The deflationary scenario was brought into stark relief after we recently came across a chart overlaying the Economic Cycle Research Institute’s Weekly Leading Index (WLI) with the US consumer price index (see below). As the name suggests, the WLI anticipates economic activity 2 to 3 quarters in the future. If the correlation with the CPI holds, it means prices could begin dropping later this summer.

Just as the value of debt falls in real terms in an inflationary environment, it rises in deflationary times. The problem is compounded by declining cash flows as a result of weak economic activity, making it harder to service that debt and potentially creating a serious problem for highly leveraged economies like ours.

The other moving part in the relationship between debt and deflation is the U.S. dollar. If the Fed’s policy rate is anchored at zero and market yields can’t keep pace with falling prices for goods and services, real yields (the nominal yield minus the rate of inflation) will rise, driving the dollar higher and depressing the price of imports domestically and commodities globally. As we said in “The Biggest Trade in the World“, “the risk to the broader economy is that a stronger dollar triggers a doom loop of debt deflation, where slower global growth causes the dollar to rise and a stronger dollar, in turn, depresses prices and causes growth to slow.”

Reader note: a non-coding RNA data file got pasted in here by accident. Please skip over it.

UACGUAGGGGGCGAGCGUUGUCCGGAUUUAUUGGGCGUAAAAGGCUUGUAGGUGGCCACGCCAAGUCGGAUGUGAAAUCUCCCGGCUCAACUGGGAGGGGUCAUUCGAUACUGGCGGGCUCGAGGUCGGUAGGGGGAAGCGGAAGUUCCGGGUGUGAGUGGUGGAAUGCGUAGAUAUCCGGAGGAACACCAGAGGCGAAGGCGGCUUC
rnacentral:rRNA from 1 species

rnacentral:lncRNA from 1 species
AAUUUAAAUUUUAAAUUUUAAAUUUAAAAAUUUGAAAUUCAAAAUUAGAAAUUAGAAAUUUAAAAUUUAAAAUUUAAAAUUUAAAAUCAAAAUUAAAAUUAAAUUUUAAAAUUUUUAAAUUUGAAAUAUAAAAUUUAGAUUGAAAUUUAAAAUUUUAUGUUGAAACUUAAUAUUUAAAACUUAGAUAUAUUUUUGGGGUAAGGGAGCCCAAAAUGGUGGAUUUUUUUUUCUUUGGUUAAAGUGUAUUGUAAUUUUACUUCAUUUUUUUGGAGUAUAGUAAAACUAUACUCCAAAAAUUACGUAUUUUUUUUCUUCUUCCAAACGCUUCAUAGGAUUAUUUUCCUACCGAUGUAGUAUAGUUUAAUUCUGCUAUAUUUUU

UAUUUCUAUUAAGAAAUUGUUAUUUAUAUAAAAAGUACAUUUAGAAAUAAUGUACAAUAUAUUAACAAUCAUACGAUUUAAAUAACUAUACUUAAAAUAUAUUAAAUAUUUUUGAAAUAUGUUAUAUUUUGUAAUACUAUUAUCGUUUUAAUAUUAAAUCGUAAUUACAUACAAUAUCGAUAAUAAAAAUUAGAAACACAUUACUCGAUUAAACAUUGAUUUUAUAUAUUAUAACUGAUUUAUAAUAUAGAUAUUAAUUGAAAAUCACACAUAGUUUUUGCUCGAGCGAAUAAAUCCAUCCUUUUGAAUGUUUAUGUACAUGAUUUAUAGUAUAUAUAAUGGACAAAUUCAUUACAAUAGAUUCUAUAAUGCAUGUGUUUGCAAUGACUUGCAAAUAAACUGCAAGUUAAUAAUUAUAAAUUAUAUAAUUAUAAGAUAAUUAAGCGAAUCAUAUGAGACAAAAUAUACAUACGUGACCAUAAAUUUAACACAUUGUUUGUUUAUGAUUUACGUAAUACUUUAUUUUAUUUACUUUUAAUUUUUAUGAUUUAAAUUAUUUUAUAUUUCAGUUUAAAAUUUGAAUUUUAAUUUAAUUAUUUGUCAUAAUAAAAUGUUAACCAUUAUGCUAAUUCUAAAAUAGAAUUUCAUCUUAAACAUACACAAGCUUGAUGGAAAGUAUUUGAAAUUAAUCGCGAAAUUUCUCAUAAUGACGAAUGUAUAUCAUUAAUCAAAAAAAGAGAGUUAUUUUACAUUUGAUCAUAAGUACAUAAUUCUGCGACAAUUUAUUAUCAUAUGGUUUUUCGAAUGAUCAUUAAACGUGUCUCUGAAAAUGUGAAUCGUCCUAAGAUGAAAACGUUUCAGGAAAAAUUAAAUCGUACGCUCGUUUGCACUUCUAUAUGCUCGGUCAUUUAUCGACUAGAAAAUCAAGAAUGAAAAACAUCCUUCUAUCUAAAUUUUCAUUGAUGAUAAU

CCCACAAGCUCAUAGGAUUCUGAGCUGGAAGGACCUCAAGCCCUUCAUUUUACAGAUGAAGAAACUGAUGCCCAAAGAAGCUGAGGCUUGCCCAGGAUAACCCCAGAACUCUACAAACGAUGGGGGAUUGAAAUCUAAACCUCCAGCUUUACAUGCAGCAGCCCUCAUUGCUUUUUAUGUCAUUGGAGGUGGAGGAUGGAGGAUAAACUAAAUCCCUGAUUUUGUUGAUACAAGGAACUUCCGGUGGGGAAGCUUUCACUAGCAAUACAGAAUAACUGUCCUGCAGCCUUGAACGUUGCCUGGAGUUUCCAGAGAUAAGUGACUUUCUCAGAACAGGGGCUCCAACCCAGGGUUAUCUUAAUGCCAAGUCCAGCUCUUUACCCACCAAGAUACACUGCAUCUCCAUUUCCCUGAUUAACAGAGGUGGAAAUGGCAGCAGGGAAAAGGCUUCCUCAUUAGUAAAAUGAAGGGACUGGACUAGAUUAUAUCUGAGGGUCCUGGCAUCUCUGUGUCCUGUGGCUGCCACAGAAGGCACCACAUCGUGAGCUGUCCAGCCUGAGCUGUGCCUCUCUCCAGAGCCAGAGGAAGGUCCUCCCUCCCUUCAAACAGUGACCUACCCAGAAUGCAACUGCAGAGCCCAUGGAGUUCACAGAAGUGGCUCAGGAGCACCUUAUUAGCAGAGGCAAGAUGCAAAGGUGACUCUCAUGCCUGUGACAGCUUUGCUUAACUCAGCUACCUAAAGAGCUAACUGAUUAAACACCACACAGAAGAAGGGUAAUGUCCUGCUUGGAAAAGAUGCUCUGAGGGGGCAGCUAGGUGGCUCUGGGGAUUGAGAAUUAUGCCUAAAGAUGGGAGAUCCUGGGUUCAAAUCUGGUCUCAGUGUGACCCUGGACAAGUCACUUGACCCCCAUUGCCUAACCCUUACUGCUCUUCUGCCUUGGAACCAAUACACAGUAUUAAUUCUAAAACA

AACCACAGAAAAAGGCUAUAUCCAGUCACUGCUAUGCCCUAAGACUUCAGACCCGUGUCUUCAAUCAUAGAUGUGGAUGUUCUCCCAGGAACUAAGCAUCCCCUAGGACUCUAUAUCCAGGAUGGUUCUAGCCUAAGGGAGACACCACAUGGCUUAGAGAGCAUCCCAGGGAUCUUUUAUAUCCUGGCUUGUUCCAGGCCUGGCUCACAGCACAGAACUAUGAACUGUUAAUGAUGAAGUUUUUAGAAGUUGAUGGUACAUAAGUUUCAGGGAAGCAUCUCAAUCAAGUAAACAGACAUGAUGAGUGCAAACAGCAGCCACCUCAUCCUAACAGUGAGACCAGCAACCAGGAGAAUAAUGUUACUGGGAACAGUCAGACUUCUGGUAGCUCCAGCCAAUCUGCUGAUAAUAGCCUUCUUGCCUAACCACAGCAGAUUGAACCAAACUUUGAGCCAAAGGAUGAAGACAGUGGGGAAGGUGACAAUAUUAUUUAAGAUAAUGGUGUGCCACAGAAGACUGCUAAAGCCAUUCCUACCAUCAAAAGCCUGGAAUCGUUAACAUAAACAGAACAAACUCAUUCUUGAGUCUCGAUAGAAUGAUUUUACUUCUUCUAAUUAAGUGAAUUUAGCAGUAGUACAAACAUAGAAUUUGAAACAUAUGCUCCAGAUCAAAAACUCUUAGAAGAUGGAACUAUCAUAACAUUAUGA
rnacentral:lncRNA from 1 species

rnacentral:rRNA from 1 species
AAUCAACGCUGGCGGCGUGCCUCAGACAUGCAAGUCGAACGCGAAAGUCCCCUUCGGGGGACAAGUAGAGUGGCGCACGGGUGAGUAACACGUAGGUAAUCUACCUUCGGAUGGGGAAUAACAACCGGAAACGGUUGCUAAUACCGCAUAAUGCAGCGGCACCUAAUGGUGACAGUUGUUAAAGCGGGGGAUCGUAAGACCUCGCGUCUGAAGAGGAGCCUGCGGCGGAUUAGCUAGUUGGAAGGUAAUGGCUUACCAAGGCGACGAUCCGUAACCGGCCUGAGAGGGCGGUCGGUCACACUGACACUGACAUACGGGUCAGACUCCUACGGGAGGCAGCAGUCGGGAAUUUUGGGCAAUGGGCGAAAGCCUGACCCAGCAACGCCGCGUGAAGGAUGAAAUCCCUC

As has been the case with every rate cut in this cycle, the market will lead the way for the Fed’s next move. And given the risk that rising real yields could pose to the prospects for a recovery, investors are concluding that the Fed may have no choice but to take rates negative.

Besides being long-time proponents of the U.S. dollar and front-end treasuries as core investment themes, we recently recommended adding a position in physical gold. Gold may be subject to bouts of selling if the dollar continues to rise, as many traders still reflexively see the two as inversely correlated. But because there doesn’t seem to be any limit on central bank money printing, gold will shine as the ultimate store of value in a world of increasingly negative interest rates.